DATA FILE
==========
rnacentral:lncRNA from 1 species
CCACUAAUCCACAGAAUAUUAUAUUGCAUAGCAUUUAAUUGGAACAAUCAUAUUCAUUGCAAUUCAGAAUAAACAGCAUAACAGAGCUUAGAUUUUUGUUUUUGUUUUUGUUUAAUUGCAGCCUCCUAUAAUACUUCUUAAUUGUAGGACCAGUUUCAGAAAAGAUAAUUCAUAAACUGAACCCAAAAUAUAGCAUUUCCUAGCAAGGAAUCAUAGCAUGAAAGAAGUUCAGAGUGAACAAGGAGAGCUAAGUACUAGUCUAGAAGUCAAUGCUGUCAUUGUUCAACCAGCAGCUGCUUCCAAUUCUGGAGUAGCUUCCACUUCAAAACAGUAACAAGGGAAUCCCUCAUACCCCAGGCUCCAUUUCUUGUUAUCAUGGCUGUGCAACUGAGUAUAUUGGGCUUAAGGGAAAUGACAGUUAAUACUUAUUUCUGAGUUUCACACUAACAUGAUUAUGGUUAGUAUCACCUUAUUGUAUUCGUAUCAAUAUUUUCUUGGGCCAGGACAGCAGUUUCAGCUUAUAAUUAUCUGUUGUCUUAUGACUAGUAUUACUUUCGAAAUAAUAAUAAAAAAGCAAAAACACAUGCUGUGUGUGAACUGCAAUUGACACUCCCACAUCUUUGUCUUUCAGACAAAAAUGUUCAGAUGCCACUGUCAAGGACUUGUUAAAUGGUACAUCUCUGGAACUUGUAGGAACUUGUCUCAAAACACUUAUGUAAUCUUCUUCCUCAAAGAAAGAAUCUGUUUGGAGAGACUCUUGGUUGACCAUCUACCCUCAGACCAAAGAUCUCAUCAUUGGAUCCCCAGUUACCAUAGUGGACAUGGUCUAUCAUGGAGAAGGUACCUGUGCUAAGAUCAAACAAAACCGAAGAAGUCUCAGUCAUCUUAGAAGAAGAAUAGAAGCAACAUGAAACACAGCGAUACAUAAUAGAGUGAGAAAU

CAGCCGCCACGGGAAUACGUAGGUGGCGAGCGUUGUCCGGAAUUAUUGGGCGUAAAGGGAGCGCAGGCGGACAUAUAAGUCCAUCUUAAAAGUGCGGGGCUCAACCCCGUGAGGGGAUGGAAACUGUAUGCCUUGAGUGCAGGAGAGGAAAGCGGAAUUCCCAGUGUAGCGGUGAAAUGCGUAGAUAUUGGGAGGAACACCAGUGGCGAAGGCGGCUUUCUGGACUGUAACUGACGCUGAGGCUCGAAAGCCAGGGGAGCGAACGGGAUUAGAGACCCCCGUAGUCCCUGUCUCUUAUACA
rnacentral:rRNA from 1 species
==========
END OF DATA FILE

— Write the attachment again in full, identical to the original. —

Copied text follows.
rnacentral:lncRNA from 1 species
CCACUAAUCCACAGAAUAUUAUAUUGCAUAGCAUUUAAUUGGAACAAUCAUAUUCAUUGCAAUUCAGAAUAAACAGCAUAACAGAGCUUAGAUUUUUGUUUUUGUUUUUGUUUAAUUGCAGCCUCCUAUAAUACUUCUUAAUUGUAGGACCAGUUUCAGAAAAGAUAAUUCAUAAACUGAACCCAAAAUAUAGCAUUUCCUAGCAAGGAAUCAUAGCAUGAAAGAAGUUCAGAGUGAACAAGGAGAGCUAAGUACUAGUCUAGAAGUCAAUGCUGUCAUUGUUCAACCAGCAGCUGCUUCCAAUUCUGGAGUAGCUUCCACUUCAAAACAGUAACAAGGGAAUCCCUCAUACCCCAGGCUCCAUUUCUUGUUAUCAUGGCUGUGCAACUGAGUAUAUUGGGCUUAAGGGAAAUGACAGUUAAUACUUAUUUCUGAGUUUCACACUAACAUGAUUAUGGUUAGUAUCACCUUAUUGUAUUCGUAUCAAUAUUUUCUUGGGCCAGGACAGCAGUUUCAGCUUAUAAUUAUCUGUUGUCUUAUGACUAGUAUUACUUUCGAAAUAAUAAUAAAAAAGCAAAAACACAUGCUGUGUGUGAACUGCAAUUGACACUCCCACAUCUUUGUCUUUCAGACAAAAAUGUUCAGAUGCCACUGUCAAGGACUUGUUAAAUGGUACAUCUCUGGAACUUGUAGGAACUUGUCUCAAAACACUUAUGUAAUCUUCUUCCUCAAAGAAAGAAUCUGUUUGGAGAGACUCUUGGUUGACCAUCUACCCUCAGACCAAAGAUCUCAUCAUUGGAUCCCCAGUUACCAUAGUGGACAUGGUCUAUCAUGGAGAAGGUACCUGUGCUAAGAUCAAACAAAACCGAAGAAGUCUCAGUCAUCUUAGAAGAAGAAUAGAAGCAACAUGAAACACAGCGAUACAUAAUAGAGUGAGAAAU

CAGCCGCCACGGGAAUACGUAGGUGGCGAGCGUUGUCCGGAAUUAUUGGGCGUAAAGGGAGCGCAGGCGGACAUAUAAGUCCAUCUUAAAAGUGCGGGGCUCAACCCCGUGAGGGGAUGGAAACUGUAUGCCUUGAGUGCAGGAGAGGAAAGCGGAAUUCCCAGUGUAGCGGUGAAAUGCGUAGAUAUUGGGAGGAACACCAGUGGCGAAGGCGGCUUUCUGGACUGUAACUGACGCUGAGGCUCGAAAGCCAGGGGAGCGAACGGGAUUAGAGACCCCCGUAGUCCCUGUCUCUUAUACA
rnacentral:rRNA from 1 species